When I and we talk about starting something new – whether it be a new job, a new venture, a new place, a new relationship, we don’t focus on the starting.
No, we get hung up on the quitting.
We make bold statements like, “I’m going to quit my job.” We tell everyone how great it’s going to be to quit. To walk into our bosses office, toss him the finger, and pack up our things. And folks ohh and ahh at how impressive it is that we quit.
But quitting is easy. You can quit whatever it is you’re doing today, right now. You may not know what that means for tomorrow, but you have total control over quitting today. That, alone (quitting), doesn’t deserve the applause.
As Travis Campbell of 37signals says:
“Starting something is only a little bit harder. It’s easy to start something. Following through is the hard part. Just look at the landscape of abandoned blogs that litter the web for proof of that.”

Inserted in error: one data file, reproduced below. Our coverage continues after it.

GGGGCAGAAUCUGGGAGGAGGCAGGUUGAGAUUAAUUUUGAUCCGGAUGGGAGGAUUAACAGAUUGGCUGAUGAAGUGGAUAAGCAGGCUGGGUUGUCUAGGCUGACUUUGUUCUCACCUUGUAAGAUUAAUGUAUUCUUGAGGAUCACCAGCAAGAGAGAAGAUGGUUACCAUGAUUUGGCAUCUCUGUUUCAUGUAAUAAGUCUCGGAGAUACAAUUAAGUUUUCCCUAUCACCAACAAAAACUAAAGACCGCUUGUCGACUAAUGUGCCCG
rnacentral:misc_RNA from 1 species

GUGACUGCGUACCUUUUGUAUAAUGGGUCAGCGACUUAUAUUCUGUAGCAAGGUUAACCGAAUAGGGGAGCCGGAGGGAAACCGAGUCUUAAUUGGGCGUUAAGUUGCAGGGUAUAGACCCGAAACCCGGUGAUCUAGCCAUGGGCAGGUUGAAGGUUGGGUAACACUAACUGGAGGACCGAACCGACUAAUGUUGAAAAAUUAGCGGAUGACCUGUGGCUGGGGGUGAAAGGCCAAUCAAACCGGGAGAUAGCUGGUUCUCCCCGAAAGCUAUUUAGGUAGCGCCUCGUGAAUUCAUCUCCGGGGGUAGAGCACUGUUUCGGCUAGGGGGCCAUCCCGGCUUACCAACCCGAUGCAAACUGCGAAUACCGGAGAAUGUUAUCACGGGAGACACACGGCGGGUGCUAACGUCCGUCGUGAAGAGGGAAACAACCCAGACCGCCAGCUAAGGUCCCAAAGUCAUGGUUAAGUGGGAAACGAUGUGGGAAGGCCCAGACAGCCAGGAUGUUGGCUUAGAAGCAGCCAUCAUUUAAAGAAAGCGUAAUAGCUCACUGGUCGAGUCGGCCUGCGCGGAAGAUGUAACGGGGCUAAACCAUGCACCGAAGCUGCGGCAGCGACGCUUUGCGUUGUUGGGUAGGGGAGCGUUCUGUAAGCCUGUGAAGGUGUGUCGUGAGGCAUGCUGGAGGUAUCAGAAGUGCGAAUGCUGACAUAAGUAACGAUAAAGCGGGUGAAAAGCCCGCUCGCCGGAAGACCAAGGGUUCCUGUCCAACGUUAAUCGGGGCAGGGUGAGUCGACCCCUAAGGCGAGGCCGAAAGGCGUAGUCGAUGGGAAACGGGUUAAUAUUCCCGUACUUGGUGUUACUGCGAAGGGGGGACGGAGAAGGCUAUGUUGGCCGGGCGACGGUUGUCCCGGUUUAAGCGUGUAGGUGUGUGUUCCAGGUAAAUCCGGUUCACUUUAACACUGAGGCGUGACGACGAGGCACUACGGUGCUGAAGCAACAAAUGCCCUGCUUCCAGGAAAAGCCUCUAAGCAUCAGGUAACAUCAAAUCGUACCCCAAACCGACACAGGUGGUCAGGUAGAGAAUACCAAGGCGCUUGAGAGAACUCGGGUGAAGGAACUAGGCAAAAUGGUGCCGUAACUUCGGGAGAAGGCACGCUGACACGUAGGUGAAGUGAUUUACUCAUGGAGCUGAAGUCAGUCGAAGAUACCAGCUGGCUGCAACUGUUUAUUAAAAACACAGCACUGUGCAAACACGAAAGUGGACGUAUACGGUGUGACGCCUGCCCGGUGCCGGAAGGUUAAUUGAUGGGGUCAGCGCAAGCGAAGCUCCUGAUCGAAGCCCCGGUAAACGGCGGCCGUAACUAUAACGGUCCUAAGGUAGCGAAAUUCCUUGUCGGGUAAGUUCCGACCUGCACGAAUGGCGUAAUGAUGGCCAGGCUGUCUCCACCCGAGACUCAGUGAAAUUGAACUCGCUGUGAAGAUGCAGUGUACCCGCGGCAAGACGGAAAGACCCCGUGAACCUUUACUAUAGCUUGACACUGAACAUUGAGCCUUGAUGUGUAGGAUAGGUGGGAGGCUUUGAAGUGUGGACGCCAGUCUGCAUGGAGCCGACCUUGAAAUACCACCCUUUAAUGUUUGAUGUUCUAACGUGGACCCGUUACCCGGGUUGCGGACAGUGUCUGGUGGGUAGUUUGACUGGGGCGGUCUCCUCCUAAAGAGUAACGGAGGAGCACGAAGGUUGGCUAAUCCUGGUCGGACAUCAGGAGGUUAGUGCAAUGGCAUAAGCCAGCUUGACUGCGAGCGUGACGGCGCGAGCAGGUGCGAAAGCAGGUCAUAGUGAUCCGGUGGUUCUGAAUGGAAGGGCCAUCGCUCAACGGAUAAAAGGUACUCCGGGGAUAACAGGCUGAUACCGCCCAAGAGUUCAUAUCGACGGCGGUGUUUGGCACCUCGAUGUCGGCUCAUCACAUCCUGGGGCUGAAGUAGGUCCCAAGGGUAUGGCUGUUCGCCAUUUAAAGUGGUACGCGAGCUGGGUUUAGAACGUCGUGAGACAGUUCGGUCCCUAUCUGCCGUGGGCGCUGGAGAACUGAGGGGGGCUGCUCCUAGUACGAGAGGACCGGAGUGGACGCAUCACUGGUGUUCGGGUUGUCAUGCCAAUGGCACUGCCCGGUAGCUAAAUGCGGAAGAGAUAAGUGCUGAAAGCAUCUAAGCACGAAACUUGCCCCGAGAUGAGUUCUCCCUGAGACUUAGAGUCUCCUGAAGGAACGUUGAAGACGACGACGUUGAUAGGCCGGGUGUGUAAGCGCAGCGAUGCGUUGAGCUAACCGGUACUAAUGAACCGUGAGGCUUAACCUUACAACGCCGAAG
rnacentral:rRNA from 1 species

We respect and admire those who not only quit – who not only start something – but who follow through. Who pursue something with everything within them for days, months, years – and see it through to success.
Those people who stick with it, even when the going gets tough. Even when they feel like giving up. Those people who keep creating. Keep trying. Keep moving forward. Keep doing.
We may get hung up on the quitting, but it’s the hustle, the drive, and the perseverance that is so attractive. It’s the follow through that should be applauded. That path is the one worth following.
As my friend Sarah Peck wrote yesterday on Twitter:
“The goal is not to quit your job. The goal is to find something worth doing, and do it.”
The story you write for yourself and the story we want to hear will not be one of quitting, but rather, one of beginning, and one of doing.